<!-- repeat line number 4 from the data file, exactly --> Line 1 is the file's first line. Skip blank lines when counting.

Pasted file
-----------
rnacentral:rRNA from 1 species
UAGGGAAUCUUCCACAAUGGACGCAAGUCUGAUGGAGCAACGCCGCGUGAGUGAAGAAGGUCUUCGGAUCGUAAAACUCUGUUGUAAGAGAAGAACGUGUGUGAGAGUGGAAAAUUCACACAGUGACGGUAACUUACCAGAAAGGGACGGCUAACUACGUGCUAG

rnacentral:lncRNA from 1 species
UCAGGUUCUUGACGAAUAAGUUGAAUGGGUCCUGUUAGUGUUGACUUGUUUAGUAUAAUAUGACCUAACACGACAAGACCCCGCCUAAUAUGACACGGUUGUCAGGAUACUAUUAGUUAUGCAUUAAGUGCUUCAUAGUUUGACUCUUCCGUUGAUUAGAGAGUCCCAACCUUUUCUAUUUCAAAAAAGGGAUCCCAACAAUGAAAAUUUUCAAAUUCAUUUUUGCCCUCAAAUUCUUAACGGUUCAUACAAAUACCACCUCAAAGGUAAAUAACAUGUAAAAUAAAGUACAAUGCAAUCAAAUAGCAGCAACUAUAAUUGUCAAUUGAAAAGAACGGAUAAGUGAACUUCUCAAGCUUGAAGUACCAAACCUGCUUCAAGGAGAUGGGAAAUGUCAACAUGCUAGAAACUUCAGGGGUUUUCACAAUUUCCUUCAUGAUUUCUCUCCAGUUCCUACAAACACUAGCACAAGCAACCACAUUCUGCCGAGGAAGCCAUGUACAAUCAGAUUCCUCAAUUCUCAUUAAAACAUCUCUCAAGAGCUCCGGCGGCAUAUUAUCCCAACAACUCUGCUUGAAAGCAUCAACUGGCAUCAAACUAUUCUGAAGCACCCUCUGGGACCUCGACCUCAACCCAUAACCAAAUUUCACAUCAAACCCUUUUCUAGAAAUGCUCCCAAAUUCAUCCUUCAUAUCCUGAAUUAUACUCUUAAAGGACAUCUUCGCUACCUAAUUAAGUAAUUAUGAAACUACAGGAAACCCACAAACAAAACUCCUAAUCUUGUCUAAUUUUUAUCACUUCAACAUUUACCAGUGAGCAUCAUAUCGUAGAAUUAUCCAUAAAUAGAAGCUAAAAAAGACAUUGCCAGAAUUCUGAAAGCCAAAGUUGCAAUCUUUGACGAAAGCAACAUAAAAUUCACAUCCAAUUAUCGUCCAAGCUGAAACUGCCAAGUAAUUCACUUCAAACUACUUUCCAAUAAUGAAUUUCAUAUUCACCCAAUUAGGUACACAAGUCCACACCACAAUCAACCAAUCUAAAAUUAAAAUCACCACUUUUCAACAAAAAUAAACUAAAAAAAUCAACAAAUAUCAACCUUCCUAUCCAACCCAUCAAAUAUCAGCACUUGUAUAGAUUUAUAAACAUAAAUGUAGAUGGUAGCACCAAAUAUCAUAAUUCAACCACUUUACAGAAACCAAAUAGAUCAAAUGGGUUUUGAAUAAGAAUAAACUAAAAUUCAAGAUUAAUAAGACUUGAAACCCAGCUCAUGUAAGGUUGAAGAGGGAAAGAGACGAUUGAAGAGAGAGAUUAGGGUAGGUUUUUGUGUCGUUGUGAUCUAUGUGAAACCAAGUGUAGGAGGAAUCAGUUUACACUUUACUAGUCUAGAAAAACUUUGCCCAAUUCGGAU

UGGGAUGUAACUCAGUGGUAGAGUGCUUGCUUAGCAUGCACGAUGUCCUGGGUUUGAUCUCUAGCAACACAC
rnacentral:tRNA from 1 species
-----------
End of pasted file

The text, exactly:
UCAGGUUCUUGACGAAUAAGUUGAAUGGGUCCUGUUAGUGUUGACUUGUUUAGUAUAAUAUGACCUAACACGACAAGACCCCGCCUAAUAUGACACGGUUGUCAGGAUACUAUUAGUUAUGCAUUAAGUGCUUCAUAGUUUGACUCUUCCGUUGAUUAGAGAGUCCCAACCUUUUCUAUUUCAAAAAAGGGAUCCCAACAAUGAAAAUUUUCAAAUUCAUUUUUGCCCUCAAAUUCUUAACGGUUCAUACAAAUACCACCUCAAAGGUAAAUAACAUGUAAAAUAAAGUACAAUGCAAUCAAAUAGCAGCAACUAUAAUUGUCAAUUGAAAAGAACGGAUAAGUGAACUUCUCAAGCUUGAAGUACCAAACCUGCUUCAAGGAGAUGGGAAAUGUCAACAUGCUAGAAACUUCAGGGGUUUUCACAAUUUCCUUCAUGAUUUCUCUCCAGUUCCUACAAACACUAGCACAAGCAACCACAUUCUGCCGAGGAAGCCAUGUACAAUCAGAUUCCUCAAUUCUCAUUAAAACAUCUCUCAAGAGCUCCGGCGGCAUAUUAUCCCAACAACUCUGCUUGAAAGCAUCAACUGGCAUCAAACUAUUCUGAAGCACCCUCUGGGACCUCGACCUCAACCCAUAACCAAAUUUCACAUCAAACCCUUUUCUAGAAAUGCUCCCAAAUUCAUCCUUCAUAUCCUGAAUUAUACUCUUAAAGGACAUCUUCGCUACCUAAUUAAGUAAUUAUGAAACUACAGGAAACCCACAAACAAAACUCCUAAUCUUGUCUAAUUUUUAUCACUUCAACAUUUACCAGUGAGCAUCAUAUCGUAGAAUUAUCCAUAAAUAGAAGCUAAAAAAGACAUUGCCAGAAUUCUGAAAGCCAAAGUUGCAAUCUUUGACGAAAGCAACAUAAAAUUCACAUCCAAUUAUCGUCCAAGCUGAAACUGCCAAGUAAUUCACUUCAAACUACUUUCCAAUAAUGAAUUUCAUAUUCACCCAAUUAGGUACACAAGUCCACACCACAAUCAACCAAUCUAAAAUUAAAAUCACCACUUUUCAACAAAAAUAAACUAAAAAAAUCAACAAAUAUCAACCUUCCUAUCCAACCCAUCAAAUAUCAGCACUUGUAUAGAUUUAUAAACAUAAAUGUAGAUGGUAGCACCAAAUAUCAUAAUUCAACCACUUUACAGAAACCAAAUAGAUCAAAUGGGUUUUGAAUAAGAAUAAACUAAAAUUCAAGAUUAAUAAGACUUGAAACCCAGCUCAUGUAAGGUUGAAGAGGGAAAGAGACGAUUGAAGAGAGAGAUUAGGGUAGGUUUUUGUGUCGUUGUGAUCUAUGUGAAACCAAGUGUAGGAGGAAUCAGUUUACACUUUACUAGUCUAGAAAAACUUUGCCCAAUUCGGAU